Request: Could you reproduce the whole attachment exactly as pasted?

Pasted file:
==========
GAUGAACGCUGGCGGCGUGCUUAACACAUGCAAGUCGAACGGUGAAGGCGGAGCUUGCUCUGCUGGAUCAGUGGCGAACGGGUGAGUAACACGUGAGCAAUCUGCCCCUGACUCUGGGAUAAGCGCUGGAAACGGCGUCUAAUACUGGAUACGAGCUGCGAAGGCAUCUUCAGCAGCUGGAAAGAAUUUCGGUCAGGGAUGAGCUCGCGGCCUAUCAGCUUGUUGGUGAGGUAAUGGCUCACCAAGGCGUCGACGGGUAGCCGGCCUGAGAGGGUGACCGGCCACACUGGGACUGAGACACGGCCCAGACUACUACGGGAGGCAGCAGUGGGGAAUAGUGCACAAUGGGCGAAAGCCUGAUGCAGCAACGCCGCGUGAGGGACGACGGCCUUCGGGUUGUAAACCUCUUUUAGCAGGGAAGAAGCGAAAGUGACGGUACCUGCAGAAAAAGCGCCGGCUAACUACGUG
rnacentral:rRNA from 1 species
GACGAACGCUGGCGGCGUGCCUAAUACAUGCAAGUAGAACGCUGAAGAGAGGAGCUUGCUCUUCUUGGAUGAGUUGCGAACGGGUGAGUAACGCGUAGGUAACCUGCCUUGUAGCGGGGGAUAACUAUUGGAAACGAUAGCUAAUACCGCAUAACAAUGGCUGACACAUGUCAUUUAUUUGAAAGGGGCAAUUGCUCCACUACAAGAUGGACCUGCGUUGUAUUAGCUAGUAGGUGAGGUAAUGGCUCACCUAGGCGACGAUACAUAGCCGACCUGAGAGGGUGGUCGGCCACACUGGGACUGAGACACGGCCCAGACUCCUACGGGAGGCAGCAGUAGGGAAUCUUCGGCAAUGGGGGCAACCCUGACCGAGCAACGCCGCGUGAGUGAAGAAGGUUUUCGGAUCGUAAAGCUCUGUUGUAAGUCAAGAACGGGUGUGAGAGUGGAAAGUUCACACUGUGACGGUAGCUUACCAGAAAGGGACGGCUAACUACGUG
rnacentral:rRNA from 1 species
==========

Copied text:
GAUGAACGCUGGCGGCGUGCUUAACACAUGCAAGUCGAACGGUGAAGGCGGAGCUUGCUCUGCUGGAUCAGUGGCGAACGGGUGAGUAACACGUGAGCAAUCUGCCCCUGACUCUGGGAUAAGCGCUGGAAACGGCGUCUAAUACUGGAUACGAGCUGCGAAGGCAUCUUCAGCAGCUGGAAAGAAUUUCGGUCAGGGAUGAGCUCGCGGCCUAUCAGCUUGUUGGUGAGGUAAUGGCUCACCAAGGCGUCGACGGGUAGCCGGCCUGAGAGGGUGACCGGCCACACUGGGACUGAGACACGGCCCAGACUACUACGGGAGGCAGCAGUGGGGAAUAGUGCACAAUGGGCGAAAGCCUGAUGCAGCAACGCCGCGUGAGGGACGACGGCCUUCGGGUUGUAAACCUCUUUUAGCAGGGAAGAAGCGAAAGUGACGGUACCUGCAGAAAAAGCGCCGGCUAACUACGUG
rnacentral:rRNA from 1 species
GACGAACGCUGGCGGCGUGCCUAAUACAUGCAAGUAGAACGCUGAAGAGAGGAGCUUGCUCUUCUUGGAUGAGUUGCGAACGGGUGAGUAACGCGUAGGUAACCUGCCUUGUAGCGGGGGAUAACUAUUGGAAACGAUAGCUAAUACCGCAUAACAAUGGCUGACACAUGUCAUUUAUUUGAAAGGGGCAAUUGCUCCACUACAAGAUGGACCUGCGUUGUAUUAGCUAGUAGGUGAGGUAAUGGCUCACCUAGGCGACGAUACAUAGCCGACCUGAGAGGGUGGUCGGCCACACUGGGACUGAGACACGGCCCAGACUCCUACGGGAGGCAGCAGUAGGGAAUCUUCGGCAAUGGGGGCAACCCUGACCGAGCAACGCCGCGUGAGUGAAGAAGGUUUUCGGAUCGUAAAGCUCUGUUGUAAGUCAAGAACGGGUGUGAGAGUGGAAAGUUCACACUGUGACGGUAGCUUACCAGAAAGGGACGGCUAACUACGUG
rnacentral:rRNA from 1 species